• One of the only good things that came from my experience with infertility is that being open about it led others to share their stories. I was proud to bear witness to my friends’ struggles, and it was reassuring to know that I was far from alone. It’s easy to shy away from talking about things, but basically – don’t!
  • Everyone’s different on this one, but I loved to be included in kid-stuff when I didn’t have a kid (birthdays, baby showers etc.). When all your friends have kids, if you’re not included in the kid-stuff, it can feel like you’re not included in anything.
  • But equally, it’s great if not everything is kid stuff. I always loved having some time for a proper chat or some grown-up time. This is good for parents AND people struggling with infertility; win-win.
  • Overall, the message I most appreciated hearing was “you are strong and wonderful and important, and whatever happens here, you’ll still be a great person and I’ll still love you.”  I didn’t need a cheerleader – I was way too aware of the various possibilities to believe “don’t worry, it will happen one day!” and I just needed to know people were there. This is one of those things that I think we usually assume go without saying. But when you’re faced with judgement and sadness from so many sides, this is not something that goes without saying. I recommend saying it!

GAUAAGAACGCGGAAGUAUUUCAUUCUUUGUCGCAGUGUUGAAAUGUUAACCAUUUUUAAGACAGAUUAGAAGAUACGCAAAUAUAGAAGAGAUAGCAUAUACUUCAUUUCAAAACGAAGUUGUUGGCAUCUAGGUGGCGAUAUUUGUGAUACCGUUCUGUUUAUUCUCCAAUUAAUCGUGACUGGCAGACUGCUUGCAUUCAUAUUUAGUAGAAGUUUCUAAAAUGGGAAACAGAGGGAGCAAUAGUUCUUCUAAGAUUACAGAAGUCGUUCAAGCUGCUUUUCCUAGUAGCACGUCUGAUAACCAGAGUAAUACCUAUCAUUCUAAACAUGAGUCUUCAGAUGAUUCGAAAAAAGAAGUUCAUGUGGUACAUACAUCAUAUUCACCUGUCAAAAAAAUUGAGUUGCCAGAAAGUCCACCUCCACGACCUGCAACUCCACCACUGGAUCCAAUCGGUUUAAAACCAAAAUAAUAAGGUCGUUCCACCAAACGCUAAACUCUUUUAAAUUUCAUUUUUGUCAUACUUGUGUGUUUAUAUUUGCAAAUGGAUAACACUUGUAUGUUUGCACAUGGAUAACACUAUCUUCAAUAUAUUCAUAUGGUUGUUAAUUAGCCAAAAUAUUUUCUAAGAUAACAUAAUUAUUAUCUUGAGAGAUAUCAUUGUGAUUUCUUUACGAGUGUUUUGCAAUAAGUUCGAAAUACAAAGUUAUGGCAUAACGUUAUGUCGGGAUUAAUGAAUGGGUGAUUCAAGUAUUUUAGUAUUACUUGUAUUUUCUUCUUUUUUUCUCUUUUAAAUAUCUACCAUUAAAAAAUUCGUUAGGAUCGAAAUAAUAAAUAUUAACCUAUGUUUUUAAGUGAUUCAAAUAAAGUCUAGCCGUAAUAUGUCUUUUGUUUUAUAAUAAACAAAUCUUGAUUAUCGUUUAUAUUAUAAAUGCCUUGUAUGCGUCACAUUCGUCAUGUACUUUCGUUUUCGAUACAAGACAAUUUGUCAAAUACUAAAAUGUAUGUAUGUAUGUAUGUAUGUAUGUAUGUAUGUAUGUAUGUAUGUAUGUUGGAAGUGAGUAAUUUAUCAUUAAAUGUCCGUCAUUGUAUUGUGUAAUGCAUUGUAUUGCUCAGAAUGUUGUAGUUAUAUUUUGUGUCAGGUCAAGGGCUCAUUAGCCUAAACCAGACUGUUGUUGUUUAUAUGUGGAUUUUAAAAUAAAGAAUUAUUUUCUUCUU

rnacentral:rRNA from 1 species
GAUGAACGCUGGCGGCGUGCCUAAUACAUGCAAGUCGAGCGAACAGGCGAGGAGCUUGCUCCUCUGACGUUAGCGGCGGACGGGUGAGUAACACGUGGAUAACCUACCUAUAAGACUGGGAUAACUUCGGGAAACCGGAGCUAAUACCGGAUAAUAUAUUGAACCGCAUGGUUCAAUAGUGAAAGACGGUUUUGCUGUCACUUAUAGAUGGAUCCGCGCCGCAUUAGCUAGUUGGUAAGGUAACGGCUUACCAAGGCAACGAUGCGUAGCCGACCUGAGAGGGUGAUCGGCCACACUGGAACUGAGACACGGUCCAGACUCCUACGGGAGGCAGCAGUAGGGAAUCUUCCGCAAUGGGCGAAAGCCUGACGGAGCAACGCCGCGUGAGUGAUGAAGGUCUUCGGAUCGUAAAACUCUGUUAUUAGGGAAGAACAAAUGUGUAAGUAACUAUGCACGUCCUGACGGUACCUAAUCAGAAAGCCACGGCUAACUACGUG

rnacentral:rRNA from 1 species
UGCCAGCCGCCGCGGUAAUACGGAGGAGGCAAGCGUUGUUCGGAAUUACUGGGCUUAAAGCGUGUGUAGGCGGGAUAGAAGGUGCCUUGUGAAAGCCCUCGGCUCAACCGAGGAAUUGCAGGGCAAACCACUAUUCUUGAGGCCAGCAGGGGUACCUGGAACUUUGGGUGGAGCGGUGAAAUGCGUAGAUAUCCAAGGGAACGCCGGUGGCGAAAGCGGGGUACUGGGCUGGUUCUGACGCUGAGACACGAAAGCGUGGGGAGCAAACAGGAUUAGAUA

Emily McDowell Empathy Card

Card by Emily McDowell

And if all else fails, you really can’t go wrong with an Emily McDowell Empathy Card. (All images in this post are from her site). They’re pretty much great enough that I could have replaced this whole post with a link to her site. But that wouldn’t be much of a blog now, would it?

Listen Up!

This week is National Infertility Awareness Week, and the theme for 2017 is Listen Up! If you want to find out more or get involved, check out the stories, social media images, and events on the website.

Last time I wrote something for National Infertility Awareness Week, it was 2014. I was six months pregnant, equal parts excited and freaked out, and I very much felt like our whole messy infertility journey was behind us.